When you ask a question about how to make a decision, there are two things you need to consider. You, and your decision making process.
If you need to do a particular job, it's best to use the right tool for the job.
But if the tool is not in very good shape, it may not work particularly well. A blunt scissors, for example, won't perform as well as a sharp one.
Similarly, it's important that YOU are in good form before you get to the actual decision making part.
If you're having a bad time and things are not going well, it makes sense not to make important decisions during this time. Chances are they may not work out so well either!
So when people use phrases such as
this is their bodies way of telling them they are not working as well as they could... and it's probably not a good idea to be making decisions at such moments.
Of course, there will be times when you absolutely have to make decisions when you are stressed or under pressure. A useful trick here to minimize such occurrences is to make decisions ahead of time, that is, before you 'have to'.
For example, if you plan to buy an expensive item, you might decide, before you go to the shop or store, what the maximum you're prepared to pay, rather than being pressured into paying more at the last minute by a slick salesman. Or you decide before a negotiation what you want and what you are prepared to concede, rather than going along and hoping for the best.
In this way you can make decisions when you are relaxed, calm and without pressure.
When someone is in a good mood they often describe themselves as
Have you ever considered where these phrases come from? They are actually descriptions of the awareness people have of their physical bodies at different times.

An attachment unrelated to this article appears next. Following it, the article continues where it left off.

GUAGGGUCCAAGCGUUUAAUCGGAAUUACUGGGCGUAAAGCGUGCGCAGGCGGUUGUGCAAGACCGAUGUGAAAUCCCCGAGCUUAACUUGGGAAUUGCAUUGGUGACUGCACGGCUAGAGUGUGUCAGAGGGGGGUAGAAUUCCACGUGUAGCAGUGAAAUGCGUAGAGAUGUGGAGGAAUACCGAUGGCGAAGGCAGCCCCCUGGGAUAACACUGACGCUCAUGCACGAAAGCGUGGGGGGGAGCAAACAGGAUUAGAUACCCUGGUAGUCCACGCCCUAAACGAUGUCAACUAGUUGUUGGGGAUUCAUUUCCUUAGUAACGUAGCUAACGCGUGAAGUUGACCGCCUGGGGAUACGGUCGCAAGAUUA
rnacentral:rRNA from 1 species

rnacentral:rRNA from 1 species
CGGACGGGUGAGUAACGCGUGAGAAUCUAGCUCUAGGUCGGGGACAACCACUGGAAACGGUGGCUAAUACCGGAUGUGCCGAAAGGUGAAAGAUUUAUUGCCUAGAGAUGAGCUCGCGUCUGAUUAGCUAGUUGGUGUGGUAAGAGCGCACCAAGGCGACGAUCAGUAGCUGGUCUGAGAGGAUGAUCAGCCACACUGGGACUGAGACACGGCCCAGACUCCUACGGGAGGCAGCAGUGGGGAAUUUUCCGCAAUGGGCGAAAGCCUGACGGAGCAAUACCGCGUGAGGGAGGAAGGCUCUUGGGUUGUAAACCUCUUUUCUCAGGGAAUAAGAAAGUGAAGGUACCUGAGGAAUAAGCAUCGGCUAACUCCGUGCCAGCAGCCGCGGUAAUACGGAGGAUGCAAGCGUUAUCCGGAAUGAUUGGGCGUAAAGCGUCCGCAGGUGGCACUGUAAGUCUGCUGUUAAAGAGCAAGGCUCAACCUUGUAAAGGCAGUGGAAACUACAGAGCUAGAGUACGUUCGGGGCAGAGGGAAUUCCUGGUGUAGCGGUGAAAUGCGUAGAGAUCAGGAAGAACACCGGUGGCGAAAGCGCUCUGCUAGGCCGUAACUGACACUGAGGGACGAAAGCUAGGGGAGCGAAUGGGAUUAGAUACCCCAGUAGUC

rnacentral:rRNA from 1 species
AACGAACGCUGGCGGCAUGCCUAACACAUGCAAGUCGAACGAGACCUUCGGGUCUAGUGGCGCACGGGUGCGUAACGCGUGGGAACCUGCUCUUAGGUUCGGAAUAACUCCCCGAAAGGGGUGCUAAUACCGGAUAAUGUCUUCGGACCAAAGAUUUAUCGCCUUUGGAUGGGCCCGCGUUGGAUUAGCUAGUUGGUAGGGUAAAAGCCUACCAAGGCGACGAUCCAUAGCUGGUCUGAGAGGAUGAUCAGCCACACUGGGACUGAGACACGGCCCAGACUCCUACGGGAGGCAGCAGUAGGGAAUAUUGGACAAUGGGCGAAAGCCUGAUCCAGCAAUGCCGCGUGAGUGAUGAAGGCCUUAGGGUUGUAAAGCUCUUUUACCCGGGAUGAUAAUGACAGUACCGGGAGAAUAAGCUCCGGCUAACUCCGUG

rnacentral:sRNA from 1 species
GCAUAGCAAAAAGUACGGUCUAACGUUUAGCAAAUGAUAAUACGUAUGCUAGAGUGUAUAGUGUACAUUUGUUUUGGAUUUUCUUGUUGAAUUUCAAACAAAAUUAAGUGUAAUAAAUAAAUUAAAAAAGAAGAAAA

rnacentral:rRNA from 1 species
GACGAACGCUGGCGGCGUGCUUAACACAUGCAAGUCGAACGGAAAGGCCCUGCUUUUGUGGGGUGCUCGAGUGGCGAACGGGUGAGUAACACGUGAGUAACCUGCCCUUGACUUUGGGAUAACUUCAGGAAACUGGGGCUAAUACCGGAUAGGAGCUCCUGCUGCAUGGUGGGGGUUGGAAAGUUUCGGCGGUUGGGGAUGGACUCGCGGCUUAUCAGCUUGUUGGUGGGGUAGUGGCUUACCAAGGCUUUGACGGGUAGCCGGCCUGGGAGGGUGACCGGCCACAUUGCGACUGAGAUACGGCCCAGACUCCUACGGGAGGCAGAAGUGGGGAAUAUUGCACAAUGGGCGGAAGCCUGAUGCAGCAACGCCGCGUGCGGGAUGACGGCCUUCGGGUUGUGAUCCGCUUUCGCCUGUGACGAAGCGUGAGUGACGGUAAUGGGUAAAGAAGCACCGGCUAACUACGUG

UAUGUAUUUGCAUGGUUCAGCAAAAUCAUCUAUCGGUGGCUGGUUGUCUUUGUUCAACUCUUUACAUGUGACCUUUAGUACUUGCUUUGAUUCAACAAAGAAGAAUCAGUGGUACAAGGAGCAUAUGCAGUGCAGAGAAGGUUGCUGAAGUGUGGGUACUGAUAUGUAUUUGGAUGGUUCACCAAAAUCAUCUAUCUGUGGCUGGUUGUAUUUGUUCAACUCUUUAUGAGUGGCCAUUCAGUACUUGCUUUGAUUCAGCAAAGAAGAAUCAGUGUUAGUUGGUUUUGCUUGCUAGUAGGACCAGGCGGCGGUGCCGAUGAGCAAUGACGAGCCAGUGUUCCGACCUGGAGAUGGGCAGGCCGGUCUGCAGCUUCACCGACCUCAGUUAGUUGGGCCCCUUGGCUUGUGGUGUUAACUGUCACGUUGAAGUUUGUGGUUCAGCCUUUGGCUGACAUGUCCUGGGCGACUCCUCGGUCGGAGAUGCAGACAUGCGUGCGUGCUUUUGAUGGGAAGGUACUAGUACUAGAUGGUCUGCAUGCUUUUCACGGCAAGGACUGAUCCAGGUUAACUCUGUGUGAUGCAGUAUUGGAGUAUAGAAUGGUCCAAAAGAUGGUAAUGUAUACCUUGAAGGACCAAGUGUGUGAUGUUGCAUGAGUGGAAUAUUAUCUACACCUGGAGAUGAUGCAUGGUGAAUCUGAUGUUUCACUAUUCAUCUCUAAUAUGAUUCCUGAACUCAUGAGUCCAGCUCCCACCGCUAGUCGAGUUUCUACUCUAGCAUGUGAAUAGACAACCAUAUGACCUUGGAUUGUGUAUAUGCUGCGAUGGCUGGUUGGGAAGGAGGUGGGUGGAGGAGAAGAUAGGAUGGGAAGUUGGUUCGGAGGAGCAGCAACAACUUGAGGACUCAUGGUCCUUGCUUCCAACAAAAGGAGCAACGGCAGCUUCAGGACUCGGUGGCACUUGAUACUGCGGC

Phrases such as
are used when we want to distance ourselves, or think differently about, some issue. We inherently know that moving our body in different ways gives us different ways of thinking.
This also explains why it's often when someone leaves their desk to get a coffee that they are suddenly inspired in that they realize the answer to a problem or understand which choice to make.
Special consideration has to be given to children and teens in decision making because it takes time for the brain to develop and there are many factors that influence adolescents in their decision making.
The general guideline then is:
Good mood = good decisions,
Bad mood = bad decisions.
I am taking 'bad mood' to include times of pressure, stress and time constraints, and I am not saying that all decisions made in such circumstances are bad decisions. Instead, it's more likely that we will make poorer decisions or decisions that are wrong when we are in a 'bad mood'.
And, of course, some people prefer to make decisions under pressure, they claim that they are more effective this way!!
Ok, so you are in a good frame of mind, your body is relaxed, posture good, you are not under any stress or pressure, what's next in terms of how to make a decision...?